Sneak Preview at the Drake Hotel (1150 Queen West), September 27, 6-9 pm. 416- 531-5042. Rating: NNN
just so there's no room for confusion, this is a review of Sneak Preview at the Drake Hotel and a preview of The End Of The Tory BS Revolution at the Gladstone Hotel . It's a column about celebrating beginnings and endings, and not about sleeping at hotels.
There's no danger of anyone sleeping at the Drake Hotel in the next couple of weeks. Not comfortably anyway. When the Drake threw open its doors last Saturday mid-renovation for a glimpse of things to come, most of its window openings were still unglazed. Scaffolding continued to shroud the old hotel-turned-flophouse-turning-hip-hotel as groups of wide-eyed people crossed the door frame to enter what's being heralded as an art community centre for Queen Way West.
Inside, an impromptu arts festival awaited. Amidst some very middling artwork in the form of installations, posters and a few projections, Tyler Clark Burke 's little spray-painted monster mural was pretty cute in all its blocky ferocity. Performances included an avant-garde dance pair who threatened to bowl over the small gathered crowd.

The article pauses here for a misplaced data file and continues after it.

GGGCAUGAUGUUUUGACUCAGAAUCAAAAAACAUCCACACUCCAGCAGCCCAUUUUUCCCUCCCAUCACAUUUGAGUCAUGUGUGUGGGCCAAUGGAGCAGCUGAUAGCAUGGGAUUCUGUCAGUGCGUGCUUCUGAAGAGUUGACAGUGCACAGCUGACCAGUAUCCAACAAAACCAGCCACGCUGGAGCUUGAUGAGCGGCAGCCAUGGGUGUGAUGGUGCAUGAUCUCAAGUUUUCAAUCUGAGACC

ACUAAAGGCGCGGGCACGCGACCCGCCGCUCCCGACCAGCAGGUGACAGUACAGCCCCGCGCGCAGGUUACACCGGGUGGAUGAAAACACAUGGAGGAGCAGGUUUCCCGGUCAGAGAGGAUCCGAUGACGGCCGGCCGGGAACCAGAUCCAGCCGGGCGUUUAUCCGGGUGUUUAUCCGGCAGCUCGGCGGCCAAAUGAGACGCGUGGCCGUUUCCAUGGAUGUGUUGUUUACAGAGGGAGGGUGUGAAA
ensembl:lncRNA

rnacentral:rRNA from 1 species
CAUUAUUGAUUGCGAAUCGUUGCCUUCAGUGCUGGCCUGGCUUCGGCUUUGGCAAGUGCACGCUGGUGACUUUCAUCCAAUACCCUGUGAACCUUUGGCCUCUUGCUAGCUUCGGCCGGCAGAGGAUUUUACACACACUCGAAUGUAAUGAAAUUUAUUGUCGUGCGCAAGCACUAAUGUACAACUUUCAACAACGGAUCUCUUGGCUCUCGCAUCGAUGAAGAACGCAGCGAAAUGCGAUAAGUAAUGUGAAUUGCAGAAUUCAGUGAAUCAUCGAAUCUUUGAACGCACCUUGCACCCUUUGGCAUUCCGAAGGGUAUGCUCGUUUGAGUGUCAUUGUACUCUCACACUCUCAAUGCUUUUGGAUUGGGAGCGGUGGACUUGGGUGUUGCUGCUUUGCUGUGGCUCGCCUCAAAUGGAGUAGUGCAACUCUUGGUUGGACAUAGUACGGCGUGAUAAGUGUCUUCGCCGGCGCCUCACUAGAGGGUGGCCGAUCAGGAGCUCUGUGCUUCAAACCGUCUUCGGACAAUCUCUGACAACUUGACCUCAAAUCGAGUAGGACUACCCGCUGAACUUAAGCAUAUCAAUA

The space was the real draw. As it stood that night, the Drake was one big art installation. The main lounge area, like most of the hotel, had been gutted. In the sea of plywood, an old black sign featuring a macho duck in full flight leaned against a wall.
At the back of the room, a large skylight (read hole) cast a white glow against a plastic sheet, washing out a video projection while highlighting a stainless steel table placed across the entrance to what will one day be a very clean kitchen.
The staircase is a thing of beauty. A neat silver rail urged guests up to the Sky Yard, a rooftop space still cluttered with graffiti and featuring a plywood bar. In the newly divided second-floor rooms, a hard hat left in a corner and a can of Orange Crush abandoned on a windowsill gave evidence of recent work.
The whole place had the feel of a spontaneous art community welling up in a space dominated by I-beams and exposed wire. It seemed more like a squat party in Berlin than a hotel preview in Toronto. I'm hoping once it's complete with yoga space and sushi bar, the Drake will retain some of its current flexibility and rawness. Parkdale hotel previews its soon-to-flourish art concept